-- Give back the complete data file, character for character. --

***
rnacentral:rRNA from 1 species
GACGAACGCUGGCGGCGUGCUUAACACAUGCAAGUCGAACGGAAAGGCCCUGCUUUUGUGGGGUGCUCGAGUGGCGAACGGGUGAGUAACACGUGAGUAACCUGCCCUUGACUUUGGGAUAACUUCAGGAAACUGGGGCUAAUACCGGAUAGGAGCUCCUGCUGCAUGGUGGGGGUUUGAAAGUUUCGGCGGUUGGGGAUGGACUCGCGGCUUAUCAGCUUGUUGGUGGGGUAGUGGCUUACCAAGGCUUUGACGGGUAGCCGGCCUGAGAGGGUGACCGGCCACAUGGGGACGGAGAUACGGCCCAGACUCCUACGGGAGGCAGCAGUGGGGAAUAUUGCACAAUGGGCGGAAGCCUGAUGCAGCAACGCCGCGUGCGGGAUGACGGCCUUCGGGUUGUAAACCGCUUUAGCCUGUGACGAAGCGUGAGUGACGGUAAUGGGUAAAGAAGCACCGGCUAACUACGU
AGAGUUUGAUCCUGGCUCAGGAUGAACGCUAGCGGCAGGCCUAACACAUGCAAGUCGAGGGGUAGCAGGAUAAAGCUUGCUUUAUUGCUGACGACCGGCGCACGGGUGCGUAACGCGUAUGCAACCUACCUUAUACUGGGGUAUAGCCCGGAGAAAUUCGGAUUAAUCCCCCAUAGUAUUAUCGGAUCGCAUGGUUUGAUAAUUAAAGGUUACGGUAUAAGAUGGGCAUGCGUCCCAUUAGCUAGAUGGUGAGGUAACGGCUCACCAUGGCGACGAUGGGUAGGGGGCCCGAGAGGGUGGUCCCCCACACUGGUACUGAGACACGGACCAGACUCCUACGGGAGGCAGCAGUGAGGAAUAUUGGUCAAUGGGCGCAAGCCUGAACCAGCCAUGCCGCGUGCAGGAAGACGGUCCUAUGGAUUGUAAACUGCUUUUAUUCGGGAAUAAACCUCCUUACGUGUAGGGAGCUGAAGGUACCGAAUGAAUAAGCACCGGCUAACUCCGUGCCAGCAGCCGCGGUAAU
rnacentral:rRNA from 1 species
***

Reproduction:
rnacentral:rRNA from 1 species
GACGAACGCUGGCGGCGUGCUUAACACAUGCAAGUCGAACGGAAAGGCCCUGCUUUUGUGGGGUGCUCGAGUGGCGAACGGGUGAGUAACACGUGAGUAACCUGCCCUUGACUUUGGGAUAACUUCAGGAAACUGGGGCUAAUACCGGAUAGGAGCUCCUGCUGCAUGGUGGGGGUUUGAAAGUUUCGGCGGUUGGGGAUGGACUCGCGGCUUAUCAGCUUGUUGGUGGGGUAGUGGCUUACCAAGGCUUUGACGGGUAGCCGGCCUGAGAGGGUGACCGGCCACAUGGGGACGGAGAUACGGCCCAGACUCCUACGGGAGGCAGCAGUGGGGAAUAUUGCACAAUGGGCGGAAGCCUGAUGCAGCAACGCCGCGUGCGGGAUGACGGCCUUCGGGUUGUAAACCGCUUUAGCCUGUGACGAAGCGUGAGUGACGGUAAUGGGUAAAGAAGCACCGGCUAACUACGU
AGAGUUUGAUCCUGGCUCAGGAUGAACGCUAGCGGCAGGCCUAACACAUGCAAGUCGAGGGGUAGCAGGAUAAAGCUUGCUUUAUUGCUGACGACCGGCGCACGGGUGCGUAACGCGUAUGCAACCUACCUUAUACUGGGGUAUAGCCCGGAGAAAUUCGGAUUAAUCCCCCAUAGUAUUAUCGGAUCGCAUGGUUUGAUAAUUAAAGGUUACGGUAUAAGAUGGGCAUGCGUCCCAUUAGCUAGAUGGUGAGGUAACGGCUCACCAUGGCGACGAUGGGUAGGGGGCCCGAGAGGGUGGUCCCCCACACUGGUACUGAGACACGGACCAGACUCCUACGGGAGGCAGCAGUGAGGAAUAUUGGUCAAUGGGCGCAAGCCUGAACCAGCCAUGCCGCGUGCAGGAAGACGGUCCUAUGGAUUGUAAACUGCUUUUAUUCGGGAAUAAACCUCCUUACGUGUAGGGAGCUGAAGGUACCGAAUGAAUAAGCACCGGCUAACUCCGUGCCAGCAGCCGCGGUAAU
rnacentral:rRNA from 1 species